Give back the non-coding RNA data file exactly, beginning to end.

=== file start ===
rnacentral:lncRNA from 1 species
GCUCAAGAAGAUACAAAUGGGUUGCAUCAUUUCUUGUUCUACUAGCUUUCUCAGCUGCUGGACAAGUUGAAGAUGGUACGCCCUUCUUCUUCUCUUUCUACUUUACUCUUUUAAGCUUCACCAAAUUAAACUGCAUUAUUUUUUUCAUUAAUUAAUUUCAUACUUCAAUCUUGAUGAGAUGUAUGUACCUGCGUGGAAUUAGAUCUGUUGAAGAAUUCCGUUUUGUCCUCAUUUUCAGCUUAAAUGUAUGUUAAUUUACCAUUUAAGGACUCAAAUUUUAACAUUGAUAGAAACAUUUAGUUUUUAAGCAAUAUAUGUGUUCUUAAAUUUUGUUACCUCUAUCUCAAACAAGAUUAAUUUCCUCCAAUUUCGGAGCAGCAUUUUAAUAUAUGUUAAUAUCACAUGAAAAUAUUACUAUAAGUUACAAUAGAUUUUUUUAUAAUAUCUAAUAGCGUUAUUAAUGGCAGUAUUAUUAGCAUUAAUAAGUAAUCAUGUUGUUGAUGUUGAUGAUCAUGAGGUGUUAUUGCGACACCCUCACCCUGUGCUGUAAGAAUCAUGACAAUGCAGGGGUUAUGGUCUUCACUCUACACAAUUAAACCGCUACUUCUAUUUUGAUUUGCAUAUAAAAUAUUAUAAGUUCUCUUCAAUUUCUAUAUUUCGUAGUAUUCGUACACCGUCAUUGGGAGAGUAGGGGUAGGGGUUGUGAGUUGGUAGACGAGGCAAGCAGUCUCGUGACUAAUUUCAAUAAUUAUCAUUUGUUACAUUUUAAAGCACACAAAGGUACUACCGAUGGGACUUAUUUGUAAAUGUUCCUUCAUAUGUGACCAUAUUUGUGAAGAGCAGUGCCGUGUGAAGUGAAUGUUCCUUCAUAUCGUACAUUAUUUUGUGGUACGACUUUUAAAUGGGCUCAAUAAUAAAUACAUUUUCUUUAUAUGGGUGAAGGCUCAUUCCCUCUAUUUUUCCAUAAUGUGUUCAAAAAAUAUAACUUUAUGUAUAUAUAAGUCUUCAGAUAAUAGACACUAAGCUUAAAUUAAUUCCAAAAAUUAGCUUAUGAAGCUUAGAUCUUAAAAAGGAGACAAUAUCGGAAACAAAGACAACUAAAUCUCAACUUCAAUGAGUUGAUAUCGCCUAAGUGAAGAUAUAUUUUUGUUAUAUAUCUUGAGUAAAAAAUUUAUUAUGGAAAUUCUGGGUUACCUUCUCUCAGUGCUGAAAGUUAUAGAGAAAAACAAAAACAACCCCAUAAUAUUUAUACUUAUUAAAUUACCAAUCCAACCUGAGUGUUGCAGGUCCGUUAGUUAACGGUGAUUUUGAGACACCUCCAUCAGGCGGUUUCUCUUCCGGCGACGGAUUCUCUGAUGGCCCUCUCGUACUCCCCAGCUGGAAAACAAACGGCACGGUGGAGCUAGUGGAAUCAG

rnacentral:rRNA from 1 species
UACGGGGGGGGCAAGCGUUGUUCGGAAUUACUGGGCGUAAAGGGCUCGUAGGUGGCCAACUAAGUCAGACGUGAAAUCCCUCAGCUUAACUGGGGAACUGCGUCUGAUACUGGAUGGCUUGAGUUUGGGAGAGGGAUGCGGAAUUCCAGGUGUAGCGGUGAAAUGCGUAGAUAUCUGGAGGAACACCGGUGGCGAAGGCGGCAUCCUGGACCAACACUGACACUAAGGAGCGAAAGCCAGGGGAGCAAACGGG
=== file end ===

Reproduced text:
rnacentral:lncRNA from 1 species
GCUCAAGAAGAUACAAAUGGGUUGCAUCAUUUCUUGUUCUACUAGCUUUCUCAGCUGCUGGACAAGUUGAAGAUGGUACGCCCUUCUUCUUCUCUUUCUACUUUACUCUUUUAAGCUUCACCAAAUUAAACUGCAUUAUUUUUUUCAUUAAUUAAUUUCAUACUUCAAUCUUGAUGAGAUGUAUGUACCUGCGUGGAAUUAGAUCUGUUGAAGAAUUCCGUUUUGUCCUCAUUUUCAGCUUAAAUGUAUGUUAAUUUACCAUUUAAGGACUCAAAUUUUAACAUUGAUAGAAACAUUUAGUUUUUAAGCAAUAUAUGUGUUCUUAAAUUUUGUUACCUCUAUCUCAAACAAGAUUAAUUUCCUCCAAUUUCGGAGCAGCAUUUUAAUAUAUGUUAAUAUCACAUGAAAAUAUUACUAUAAGUUACAAUAGAUUUUUUUAUAAUAUCUAAUAGCGUUAUUAAUGGCAGUAUUAUUAGCAUUAAUAAGUAAUCAUGUUGUUGAUGUUGAUGAUCAUGAGGUGUUAUUGCGACACCCUCACCCUGUGCUGUAAGAAUCAUGACAAUGCAGGGGUUAUGGUCUUCACUCUACACAAUUAAACCGCUACUUCUAUUUUGAUUUGCAUAUAAAAUAUUAUAAGUUCUCUUCAAUUUCUAUAUUUCGUAGUAUUCGUACACCGUCAUUGGGAGAGUAGGGGUAGGGGUUGUGAGUUGGUAGACGAGGCAAGCAGUCUCGUGACUAAUUUCAAUAAUUAUCAUUUGUUACAUUUUAAAGCACACAAAGGUACUACCGAUGGGACUUAUUUGUAAAUGUUCCUUCAUAUGUGACCAUAUUUGUGAAGAGCAGUGCCGUGUGAAGUGAAUGUUCCUUCAUAUCGUACAUUAUUUUGUGGUACGACUUUUAAAUGGGCUCAAUAAUAAAUACAUUUUCUUUAUAUGGGUGAAGGCUCAUUCCCUCUAUUUUUCCAUAAUGUGUUCAAAAAAUAUAACUUUAUGUAUAUAUAAGUCUUCAGAUAAUAGACACUAAGCUUAAAUUAAUUCCAAAAAUUAGCUUAUGAAGCUUAGAUCUUAAAAAGGAGACAAUAUCGGAAACAAAGACAACUAAAUCUCAACUUCAAUGAGUUGAUAUCGCCUAAGUGAAGAUAUAUUUUUGUUAUAUAUCUUGAGUAAAAAAUUUAUUAUGGAAAUUCUGGGUUACCUUCUCUCAGUGCUGAAAGUUAUAGAGAAAAACAAAAACAACCCCAUAAUAUUUAUACUUAUUAAAUUACCAAUCCAACCUGAGUGUUGCAGGUCCGUUAGUUAACGGUGAUUUUGAGACACCUCCAUCAGGCGGUUUCUCUUCCGGCGACGGAUUCUCUGAUGGCCCUCUCGUACUCCCCAGCUGGAAAACAAACGGCACGGUGGAGCUAGUGGAAUCAG

rnacentral:rRNA from 1 species
UACGGGGGGGGCAAGCGUUGUUCGGAAUUACUGGGCGUAAAGGGCUCGUAGGUGGCCAACUAAGUCAGACGUGAAAUCCCUCAGCUUAACUGGGGAACUGCGUCUGAUACUGGAUGGCUUGAGUUUGGGAGAGGGAUGCGGAAUUCCAGGUGUAGCGGUGAAAUGCGUAGAUAUCUGGAGGAACACCGGUGGCGAAGGCGGCAUCCUGGACCAACACUGACACUAAGGAGCGAAAGCCAGGGGAGCAAACGGG